Country Listing

Cyprus Table of Contents


Land Use and Tenure

At the end of the 1980s, the total area of the "TRNC" was measured at 2,496,370 hectares. Of this area, 56.7 percent was agricultural land, 19.5 percent forest, 4.96 percent uncultivated, 10.68 percent occupied by towns, villages, and roads, and 8.16 percent unusable. In 1975, of the agricultural land, 50 percent was cultivated; by 1987, some 68.7 percent was cultivated.

The "TRNC" recognized three categories of land ownership: private, state, and communal. The greatest amount of land was privately owned. Unrestricted legal ownership of private land in Cyprus dated only from 1946, when the British administration enacted a new land law, the Immovable Property (Tenure, Registration, and Valuation) Law, which superseded the land code in effect under the Ottomans. Under the Ottoman code, all land belonged to the state, and those who worked the land were in effect hereditary tenants whose right to the land was usufructuary. Land could be transmitted from father to son, but could not otherwise be disposed of without official permission. The 1946 British law ended this tradition, stipulating that all state land properly acquired by individuals became their private property. Communal land remained as before, but all unoccupied and vacant land not lawfully held became the property of the state. As a result, virtually all forests become state property.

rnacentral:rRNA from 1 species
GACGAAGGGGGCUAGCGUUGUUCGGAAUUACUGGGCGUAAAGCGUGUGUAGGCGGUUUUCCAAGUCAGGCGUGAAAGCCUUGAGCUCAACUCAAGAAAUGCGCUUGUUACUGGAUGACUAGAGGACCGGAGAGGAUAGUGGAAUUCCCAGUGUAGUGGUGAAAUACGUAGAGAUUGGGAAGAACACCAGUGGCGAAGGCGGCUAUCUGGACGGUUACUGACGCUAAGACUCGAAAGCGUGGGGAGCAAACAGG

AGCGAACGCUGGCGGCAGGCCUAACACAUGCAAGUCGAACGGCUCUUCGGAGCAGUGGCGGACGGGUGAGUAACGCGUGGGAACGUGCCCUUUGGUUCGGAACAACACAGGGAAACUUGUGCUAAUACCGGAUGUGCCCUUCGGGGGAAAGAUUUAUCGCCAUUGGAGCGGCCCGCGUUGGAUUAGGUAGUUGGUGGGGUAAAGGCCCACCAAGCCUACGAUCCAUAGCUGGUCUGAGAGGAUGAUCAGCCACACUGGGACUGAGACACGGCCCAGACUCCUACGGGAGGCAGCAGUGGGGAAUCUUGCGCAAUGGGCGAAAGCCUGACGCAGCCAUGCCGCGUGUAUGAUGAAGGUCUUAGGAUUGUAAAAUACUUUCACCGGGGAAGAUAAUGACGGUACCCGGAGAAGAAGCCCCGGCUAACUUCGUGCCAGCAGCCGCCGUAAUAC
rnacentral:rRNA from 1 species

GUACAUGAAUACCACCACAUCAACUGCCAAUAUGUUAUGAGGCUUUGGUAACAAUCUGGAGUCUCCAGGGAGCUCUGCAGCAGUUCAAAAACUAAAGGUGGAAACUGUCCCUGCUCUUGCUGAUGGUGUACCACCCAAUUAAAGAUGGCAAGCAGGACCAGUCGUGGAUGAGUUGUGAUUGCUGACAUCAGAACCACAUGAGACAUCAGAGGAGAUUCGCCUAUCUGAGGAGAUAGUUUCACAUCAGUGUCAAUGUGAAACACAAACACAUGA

The Muslim religious foundation Evkaf Idaresi (Turkish Religious Trust, usually known as Evkaf) was the largest private owner of property in the "TRNC." Before the events of 1974, Evkaf owned 1 to 2 percent of the island's total farmland. These holdings dated back to Ottoman times and were mainly donations in perpetuity from members of the Turkish Cypriot community. Much of Evkaf's land was located in parts of the island that remained under the control of the Republic of Cyprus.

Data as of January 1991